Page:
highlight of The Henry P. Kendall Foundation Collection, which brought
more than $9.5 million when offered at Stack’s Bowers
Galleries’ March 26 auction in Baltimore, was his collection of
early Massachusetts silver coins.
John Kraljevich Jr. wrote in the introduction to the catalog, with
many great collections like the Kendall Foundation’s coming to market
recently, “Collectors have an opportunity in the present to acquire an
array of Massachusetts silver coins that would have been unimaginable
in most markets since the Civil War.”
is one of three that caught my eye.
Oak Tree shilling, AU-58 CAC
From an attractiveness perspective, a standout from the Kendall
Collection is this 1652 Oak Tree shilling graded About Uncirculated 58
by Professional Coin Grading Service, with a green
Certified Acceptance Corp. sticker indicating quality within the
grade, that sold for $35,250.
Categorized as Noe 9 and Salmon 7-Ei in the standard reference books
on the series, it is considered the finest known example, with Stack’s
Bowers noting, “Superb frosty luster is retained on both sides, each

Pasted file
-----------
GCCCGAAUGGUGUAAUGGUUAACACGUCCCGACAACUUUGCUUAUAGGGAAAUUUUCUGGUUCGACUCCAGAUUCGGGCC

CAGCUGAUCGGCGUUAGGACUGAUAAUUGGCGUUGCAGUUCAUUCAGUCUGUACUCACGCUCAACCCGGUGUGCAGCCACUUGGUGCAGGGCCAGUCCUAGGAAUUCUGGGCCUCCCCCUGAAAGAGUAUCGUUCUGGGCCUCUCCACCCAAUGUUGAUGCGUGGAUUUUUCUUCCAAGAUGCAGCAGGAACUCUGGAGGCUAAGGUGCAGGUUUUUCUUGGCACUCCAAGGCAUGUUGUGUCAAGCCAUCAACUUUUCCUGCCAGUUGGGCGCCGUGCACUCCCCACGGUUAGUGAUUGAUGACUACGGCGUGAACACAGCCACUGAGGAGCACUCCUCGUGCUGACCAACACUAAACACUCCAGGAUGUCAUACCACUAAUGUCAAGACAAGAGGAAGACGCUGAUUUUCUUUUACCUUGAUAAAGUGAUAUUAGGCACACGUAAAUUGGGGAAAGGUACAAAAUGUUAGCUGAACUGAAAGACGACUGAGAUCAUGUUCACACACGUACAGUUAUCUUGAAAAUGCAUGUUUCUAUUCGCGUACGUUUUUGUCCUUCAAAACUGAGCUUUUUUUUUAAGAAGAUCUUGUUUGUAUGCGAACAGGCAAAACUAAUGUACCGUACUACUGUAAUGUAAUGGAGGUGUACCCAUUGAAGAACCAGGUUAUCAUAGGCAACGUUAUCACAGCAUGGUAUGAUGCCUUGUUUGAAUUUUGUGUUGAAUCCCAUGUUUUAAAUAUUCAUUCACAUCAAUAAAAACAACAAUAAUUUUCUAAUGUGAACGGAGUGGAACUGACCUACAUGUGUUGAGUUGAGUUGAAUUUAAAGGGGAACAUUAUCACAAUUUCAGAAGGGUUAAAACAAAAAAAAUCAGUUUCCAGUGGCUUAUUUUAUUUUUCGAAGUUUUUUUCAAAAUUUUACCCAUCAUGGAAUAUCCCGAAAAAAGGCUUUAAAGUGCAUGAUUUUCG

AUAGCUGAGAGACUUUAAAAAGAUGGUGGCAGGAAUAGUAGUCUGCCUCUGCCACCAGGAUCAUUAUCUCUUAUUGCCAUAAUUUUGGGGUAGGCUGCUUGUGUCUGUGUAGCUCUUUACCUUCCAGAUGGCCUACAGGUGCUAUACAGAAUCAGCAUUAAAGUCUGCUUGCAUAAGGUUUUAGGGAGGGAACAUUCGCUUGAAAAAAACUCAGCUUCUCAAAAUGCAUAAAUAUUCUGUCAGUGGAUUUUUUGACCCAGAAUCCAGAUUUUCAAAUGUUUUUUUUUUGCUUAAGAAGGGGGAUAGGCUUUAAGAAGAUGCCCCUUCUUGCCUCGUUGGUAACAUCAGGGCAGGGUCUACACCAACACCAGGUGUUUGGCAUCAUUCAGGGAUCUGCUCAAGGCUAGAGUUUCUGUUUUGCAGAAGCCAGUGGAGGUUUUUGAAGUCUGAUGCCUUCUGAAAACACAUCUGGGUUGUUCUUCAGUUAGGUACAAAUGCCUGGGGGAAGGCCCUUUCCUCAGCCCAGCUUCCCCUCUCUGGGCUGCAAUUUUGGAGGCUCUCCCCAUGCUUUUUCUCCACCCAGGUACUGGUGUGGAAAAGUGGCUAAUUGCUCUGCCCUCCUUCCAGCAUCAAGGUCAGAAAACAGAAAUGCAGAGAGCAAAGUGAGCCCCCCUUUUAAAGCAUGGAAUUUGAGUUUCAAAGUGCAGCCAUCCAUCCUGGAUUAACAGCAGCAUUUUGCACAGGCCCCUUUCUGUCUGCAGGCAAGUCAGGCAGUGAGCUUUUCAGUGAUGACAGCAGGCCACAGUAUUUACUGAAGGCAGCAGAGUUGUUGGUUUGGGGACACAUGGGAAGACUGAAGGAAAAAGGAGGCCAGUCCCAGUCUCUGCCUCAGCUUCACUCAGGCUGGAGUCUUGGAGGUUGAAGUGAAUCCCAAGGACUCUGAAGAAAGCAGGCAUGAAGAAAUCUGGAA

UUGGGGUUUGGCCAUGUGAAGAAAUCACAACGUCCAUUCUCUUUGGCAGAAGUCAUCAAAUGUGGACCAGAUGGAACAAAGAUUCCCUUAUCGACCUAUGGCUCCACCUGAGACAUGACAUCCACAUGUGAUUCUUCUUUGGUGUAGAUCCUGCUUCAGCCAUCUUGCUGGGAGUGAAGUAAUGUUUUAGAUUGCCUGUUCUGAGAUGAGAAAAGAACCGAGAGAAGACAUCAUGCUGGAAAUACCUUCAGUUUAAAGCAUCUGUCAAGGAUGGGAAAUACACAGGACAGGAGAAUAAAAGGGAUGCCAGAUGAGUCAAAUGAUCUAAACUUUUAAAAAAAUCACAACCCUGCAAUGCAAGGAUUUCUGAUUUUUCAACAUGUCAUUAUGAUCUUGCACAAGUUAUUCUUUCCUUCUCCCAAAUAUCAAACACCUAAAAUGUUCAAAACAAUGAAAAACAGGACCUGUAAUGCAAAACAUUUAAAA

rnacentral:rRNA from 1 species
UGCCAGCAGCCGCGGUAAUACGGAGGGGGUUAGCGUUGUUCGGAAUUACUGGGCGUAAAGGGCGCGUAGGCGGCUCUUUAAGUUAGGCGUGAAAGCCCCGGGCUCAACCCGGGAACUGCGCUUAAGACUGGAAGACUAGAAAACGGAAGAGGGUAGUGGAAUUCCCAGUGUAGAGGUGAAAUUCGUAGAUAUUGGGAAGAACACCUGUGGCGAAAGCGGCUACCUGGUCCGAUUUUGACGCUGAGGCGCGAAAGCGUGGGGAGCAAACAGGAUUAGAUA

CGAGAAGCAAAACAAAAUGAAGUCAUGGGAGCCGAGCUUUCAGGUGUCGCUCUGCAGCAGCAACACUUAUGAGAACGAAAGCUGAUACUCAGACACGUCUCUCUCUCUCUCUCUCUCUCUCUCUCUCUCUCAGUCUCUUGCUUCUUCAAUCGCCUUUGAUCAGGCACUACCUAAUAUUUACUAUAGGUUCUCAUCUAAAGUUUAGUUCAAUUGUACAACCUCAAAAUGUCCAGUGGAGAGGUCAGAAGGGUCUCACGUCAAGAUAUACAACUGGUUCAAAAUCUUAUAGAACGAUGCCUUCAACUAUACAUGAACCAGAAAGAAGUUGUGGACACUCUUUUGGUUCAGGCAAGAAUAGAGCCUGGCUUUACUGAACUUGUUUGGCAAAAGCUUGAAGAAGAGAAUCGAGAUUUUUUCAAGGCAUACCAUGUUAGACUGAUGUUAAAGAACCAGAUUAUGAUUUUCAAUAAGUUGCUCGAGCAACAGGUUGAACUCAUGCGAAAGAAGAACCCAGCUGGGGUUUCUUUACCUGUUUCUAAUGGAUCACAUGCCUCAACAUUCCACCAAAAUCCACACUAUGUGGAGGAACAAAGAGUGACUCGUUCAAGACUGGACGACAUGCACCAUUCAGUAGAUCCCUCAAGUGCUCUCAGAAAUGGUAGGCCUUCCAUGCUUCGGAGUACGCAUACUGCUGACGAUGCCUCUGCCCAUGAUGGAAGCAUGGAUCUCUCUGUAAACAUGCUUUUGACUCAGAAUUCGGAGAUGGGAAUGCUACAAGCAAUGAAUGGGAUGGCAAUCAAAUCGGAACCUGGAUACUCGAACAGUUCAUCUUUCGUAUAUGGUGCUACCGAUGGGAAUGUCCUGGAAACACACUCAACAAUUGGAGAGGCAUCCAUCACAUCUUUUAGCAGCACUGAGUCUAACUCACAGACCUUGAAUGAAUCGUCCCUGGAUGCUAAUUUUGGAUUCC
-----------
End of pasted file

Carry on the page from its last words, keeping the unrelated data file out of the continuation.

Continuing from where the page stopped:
fully original in appearance and beautifully toned medium gray with
traces of blue, gold, and rose in recesses,” before concluding that it
is “about as well preserved as one could hope a specimen of this
design type or variety to be, natural and beautiful, a coin that will
meet any connoisseur’s taste.”
For a perspective on value, the description compares the piece to a
different example of the same die marriage offered back in 2005 as
part of the Stack’s Ford XII sale that brought $46,000, although the
firm characterizes the present example as even finer.
Keep reading this Market Analysis:
1652 shilling offers collectors value, historical perspective
Kendall Collection shilling is a common variety with not-so-common features